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Trinity Metro Needs Funding the Forth Worth City Council Doesn't Want to Give
Gordon Dickson and Luke Ranker report from Fort Worth, where a debate about the future of the city's transportation system is coming down to brass tacks:
Fort Worth city leaders agree that the city needs better passenger trains, buses and other transit services.
But the cost is giving them sticker shock.
The debate is coming after Trinity Metro, the transit agency for the western half of Dallas-Fort Worth, requested $86.1 million from Fort Worth for capital improvements during the coming year.
"Much of the money — about $61.1 million — would be used to extend the TEXRail commuter line about two miles south to the medical district, and the remainder would be needed to build a new bus rapid transit system on the city’s east side," according to the article.
The article details the political debate about the cost of Trinity metro's request, and its value to the city of Fort Worth. For instance, Councilmember Cary Moon is quoted saying, "I think both of these are important,” referring to the TEXRail station and the planned rapid bus line on East Lancaster Avenue. “It’s not worth increasing taxes at this time,” Moon continued.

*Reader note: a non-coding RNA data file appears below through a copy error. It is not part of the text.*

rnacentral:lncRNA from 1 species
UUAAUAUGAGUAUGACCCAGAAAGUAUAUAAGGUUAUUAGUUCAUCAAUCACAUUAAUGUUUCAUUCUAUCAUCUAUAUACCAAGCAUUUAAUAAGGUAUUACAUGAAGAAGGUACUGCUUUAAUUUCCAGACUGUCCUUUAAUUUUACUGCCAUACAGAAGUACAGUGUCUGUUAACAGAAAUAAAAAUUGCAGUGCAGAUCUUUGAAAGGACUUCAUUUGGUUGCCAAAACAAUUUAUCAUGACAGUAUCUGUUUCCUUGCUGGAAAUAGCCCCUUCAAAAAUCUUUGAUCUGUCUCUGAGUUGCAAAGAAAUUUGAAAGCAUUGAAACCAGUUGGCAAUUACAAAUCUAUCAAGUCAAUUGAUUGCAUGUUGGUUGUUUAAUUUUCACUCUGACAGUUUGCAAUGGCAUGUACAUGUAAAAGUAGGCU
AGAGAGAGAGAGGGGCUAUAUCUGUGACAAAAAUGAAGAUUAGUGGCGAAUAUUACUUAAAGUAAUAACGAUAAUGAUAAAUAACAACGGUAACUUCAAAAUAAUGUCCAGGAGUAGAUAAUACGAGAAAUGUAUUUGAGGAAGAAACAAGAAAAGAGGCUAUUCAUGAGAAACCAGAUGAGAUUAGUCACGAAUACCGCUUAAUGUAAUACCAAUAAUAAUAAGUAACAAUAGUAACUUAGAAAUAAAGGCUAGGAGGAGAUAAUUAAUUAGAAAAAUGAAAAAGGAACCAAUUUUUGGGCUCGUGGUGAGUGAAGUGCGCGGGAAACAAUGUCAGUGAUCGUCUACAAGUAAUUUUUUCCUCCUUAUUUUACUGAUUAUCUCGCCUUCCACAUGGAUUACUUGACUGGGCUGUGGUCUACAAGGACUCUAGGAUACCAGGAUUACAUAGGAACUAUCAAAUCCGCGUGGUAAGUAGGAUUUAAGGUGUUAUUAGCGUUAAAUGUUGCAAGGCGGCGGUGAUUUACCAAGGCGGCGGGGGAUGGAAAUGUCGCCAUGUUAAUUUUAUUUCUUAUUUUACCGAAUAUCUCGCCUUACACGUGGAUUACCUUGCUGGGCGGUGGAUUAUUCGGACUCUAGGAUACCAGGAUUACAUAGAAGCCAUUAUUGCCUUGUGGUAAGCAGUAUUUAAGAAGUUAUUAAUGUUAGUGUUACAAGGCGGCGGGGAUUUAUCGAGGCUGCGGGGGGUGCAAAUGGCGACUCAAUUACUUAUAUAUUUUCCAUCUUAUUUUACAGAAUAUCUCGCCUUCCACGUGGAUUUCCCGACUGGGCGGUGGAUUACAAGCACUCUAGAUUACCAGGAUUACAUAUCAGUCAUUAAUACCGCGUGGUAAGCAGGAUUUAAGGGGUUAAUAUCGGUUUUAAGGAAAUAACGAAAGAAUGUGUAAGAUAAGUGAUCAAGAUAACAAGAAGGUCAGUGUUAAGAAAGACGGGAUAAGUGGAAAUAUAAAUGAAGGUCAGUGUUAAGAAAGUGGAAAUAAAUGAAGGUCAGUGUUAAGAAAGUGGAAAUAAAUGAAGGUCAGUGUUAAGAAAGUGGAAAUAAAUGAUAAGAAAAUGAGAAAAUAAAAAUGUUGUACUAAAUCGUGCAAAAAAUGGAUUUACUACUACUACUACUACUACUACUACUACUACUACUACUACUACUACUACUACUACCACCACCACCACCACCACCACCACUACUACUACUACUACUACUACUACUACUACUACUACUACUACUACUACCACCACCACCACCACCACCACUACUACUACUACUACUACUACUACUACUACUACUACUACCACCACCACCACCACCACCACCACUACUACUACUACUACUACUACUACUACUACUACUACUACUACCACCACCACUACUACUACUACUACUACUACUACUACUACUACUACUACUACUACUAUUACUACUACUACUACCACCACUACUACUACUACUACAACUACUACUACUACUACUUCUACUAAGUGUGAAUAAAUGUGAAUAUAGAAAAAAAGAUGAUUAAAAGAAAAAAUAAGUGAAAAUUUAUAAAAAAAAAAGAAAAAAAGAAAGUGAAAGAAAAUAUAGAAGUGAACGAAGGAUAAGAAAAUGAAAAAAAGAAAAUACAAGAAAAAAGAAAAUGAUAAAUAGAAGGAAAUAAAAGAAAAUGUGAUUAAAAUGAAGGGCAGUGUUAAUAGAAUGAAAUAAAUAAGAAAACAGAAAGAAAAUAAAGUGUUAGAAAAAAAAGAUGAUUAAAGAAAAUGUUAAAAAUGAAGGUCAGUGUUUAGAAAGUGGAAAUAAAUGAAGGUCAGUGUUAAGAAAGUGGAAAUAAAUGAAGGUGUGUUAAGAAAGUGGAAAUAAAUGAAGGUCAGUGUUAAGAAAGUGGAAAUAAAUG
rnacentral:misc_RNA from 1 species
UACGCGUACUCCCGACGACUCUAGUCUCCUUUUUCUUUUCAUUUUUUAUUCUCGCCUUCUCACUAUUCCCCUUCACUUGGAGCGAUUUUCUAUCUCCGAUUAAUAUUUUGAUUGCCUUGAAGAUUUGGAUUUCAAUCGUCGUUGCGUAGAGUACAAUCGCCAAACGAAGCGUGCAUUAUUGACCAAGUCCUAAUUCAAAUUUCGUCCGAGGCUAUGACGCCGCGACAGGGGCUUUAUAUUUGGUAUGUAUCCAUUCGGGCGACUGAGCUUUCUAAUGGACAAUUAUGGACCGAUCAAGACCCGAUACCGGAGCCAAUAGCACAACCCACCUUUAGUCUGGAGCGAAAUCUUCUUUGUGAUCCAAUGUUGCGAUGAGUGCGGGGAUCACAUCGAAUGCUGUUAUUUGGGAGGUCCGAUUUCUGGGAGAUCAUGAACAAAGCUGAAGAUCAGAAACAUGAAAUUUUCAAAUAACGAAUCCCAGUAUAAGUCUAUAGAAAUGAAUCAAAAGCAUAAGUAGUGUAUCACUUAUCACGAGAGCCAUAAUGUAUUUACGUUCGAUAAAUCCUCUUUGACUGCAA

On the other side of the issue is Jeff Davis, board chairperson for Trinity Metro. “At some point, we have to a make decision in Fort Worth about what we want,” Davis is quoted saying in the article. “Do we want to have better transit and to become a better city, or do we want to continue being a bedroom suburb of Dallas?”
The TEXRail project already has $58.9 million in funding from the federal government in hand, if Trinity Metro can come up with a local match.
The remaining $25 million of the funding request would be used to "to expand rapid bus service that would run along East Lancaster Avenue, from near the city’s downtown area to the historic Handley neighborhood in far east Fort Worth, near Arlington," according to Dickson and Ranker.